Needless to say the concept can have many exciting commercial applications including reduction of condensation in aircraft cabins and making certain kinds of medical testing possible. Not to mention using it on quick dry walls and roofs to keep the structure cool. The possibilities for future science projects using this material are potentially endless.



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NASA’s Deep Impact Mission Ends

For the last decade Deep Impact has been NASA’s comet hunter and has sent back unprecedented images of comets from space. However 9 years and 500,000 images later the NASA team at the Jet Propulsion Laboratory in Pasadena, California has had to announce that the mission is now over.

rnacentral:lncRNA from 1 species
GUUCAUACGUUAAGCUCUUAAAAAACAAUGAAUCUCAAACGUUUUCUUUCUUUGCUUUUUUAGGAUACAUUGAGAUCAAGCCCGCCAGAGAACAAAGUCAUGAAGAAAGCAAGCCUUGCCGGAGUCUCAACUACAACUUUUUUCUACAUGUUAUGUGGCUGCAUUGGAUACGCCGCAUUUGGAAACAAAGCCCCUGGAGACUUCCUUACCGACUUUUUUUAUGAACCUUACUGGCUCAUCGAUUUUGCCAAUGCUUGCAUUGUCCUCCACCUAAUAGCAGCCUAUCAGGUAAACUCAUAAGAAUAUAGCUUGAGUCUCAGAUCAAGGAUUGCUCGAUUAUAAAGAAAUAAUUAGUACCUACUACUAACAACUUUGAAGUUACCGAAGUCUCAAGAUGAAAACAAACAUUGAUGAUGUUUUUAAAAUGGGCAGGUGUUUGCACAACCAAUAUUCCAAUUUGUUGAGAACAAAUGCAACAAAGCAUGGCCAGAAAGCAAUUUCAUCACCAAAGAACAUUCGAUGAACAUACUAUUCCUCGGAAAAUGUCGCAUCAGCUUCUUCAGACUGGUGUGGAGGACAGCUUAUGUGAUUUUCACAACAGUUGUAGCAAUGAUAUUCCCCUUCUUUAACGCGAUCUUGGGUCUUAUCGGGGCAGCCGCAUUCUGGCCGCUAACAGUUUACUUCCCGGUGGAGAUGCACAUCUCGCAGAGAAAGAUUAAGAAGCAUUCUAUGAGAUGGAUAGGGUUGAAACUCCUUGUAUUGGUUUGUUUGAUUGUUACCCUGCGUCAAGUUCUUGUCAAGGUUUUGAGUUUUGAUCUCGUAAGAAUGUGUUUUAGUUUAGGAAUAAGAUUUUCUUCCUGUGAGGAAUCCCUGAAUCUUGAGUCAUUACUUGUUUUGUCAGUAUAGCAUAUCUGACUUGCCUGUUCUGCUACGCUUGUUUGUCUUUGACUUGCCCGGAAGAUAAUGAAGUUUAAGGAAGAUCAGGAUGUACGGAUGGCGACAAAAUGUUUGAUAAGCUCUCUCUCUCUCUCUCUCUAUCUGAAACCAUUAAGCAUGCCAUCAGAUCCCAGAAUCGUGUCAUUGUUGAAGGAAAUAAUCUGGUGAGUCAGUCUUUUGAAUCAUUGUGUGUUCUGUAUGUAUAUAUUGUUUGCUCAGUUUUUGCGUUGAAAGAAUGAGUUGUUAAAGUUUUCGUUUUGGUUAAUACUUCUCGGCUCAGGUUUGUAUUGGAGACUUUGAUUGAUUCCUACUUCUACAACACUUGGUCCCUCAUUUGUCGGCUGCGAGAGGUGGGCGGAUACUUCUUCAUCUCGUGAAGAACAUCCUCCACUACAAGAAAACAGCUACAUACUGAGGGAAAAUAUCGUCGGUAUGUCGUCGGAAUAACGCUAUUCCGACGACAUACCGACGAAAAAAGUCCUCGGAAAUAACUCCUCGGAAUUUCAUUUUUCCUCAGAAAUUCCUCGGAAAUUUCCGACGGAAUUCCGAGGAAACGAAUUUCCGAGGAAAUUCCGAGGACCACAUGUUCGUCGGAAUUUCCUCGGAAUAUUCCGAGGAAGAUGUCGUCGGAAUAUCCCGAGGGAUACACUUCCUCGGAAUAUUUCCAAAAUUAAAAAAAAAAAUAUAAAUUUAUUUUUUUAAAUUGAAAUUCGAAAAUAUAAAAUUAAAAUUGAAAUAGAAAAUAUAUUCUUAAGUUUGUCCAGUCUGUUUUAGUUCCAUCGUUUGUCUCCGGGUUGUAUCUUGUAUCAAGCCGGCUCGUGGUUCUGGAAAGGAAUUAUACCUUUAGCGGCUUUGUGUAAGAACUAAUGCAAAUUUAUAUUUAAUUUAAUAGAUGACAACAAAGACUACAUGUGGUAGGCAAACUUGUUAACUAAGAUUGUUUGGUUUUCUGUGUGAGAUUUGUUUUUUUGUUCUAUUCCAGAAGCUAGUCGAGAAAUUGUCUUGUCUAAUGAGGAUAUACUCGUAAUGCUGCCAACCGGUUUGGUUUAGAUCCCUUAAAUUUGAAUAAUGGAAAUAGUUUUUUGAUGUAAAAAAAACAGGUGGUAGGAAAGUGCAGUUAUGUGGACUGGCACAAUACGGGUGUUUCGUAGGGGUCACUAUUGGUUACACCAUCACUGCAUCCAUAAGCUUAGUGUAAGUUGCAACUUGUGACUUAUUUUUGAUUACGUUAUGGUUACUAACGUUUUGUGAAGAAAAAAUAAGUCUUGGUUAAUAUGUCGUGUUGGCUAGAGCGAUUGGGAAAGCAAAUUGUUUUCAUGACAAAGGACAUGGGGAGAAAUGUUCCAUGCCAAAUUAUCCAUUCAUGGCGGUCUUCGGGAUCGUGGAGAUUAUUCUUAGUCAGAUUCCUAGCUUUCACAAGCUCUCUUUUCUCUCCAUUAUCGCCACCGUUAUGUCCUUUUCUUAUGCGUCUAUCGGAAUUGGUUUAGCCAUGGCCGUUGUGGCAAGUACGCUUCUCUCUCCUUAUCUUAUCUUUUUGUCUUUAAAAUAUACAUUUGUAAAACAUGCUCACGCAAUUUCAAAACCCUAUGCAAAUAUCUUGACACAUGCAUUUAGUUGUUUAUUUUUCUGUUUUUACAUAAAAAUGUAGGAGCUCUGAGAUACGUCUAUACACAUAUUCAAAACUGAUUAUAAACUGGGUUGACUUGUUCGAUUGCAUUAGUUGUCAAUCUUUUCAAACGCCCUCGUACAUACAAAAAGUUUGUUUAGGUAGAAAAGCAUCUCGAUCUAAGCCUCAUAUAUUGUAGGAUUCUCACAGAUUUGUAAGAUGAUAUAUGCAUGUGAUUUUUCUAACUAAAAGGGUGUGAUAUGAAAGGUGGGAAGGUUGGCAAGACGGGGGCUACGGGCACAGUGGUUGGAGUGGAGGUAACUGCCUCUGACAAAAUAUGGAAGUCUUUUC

It completed its original mission of determining the surface and interior composition of a comet, over s period of six months in 2005. It also did extended missions such as observing comet fly pasts and sending home data about planets as well before it finally lost communication with Earth.

The decision to call it quits was made after communications with the probe named Deep Impact failed about a month ago. Despite repeated efforts the team has been unable to communicate with the probe. History’s most traveled comet research mission, having traveled 4.7 billion miles has finally called it a day.

Deep Impact has revolutionized our understanding of comets and their activity, said Mike A’Hearn, the Deep Impact principal investigator at the University of Maryland in College Park. It has been a fantastic, long-lasting spacecraft that has produced far more data than we had planned, said Mike. This was one science project whose success NASA would love to replicate.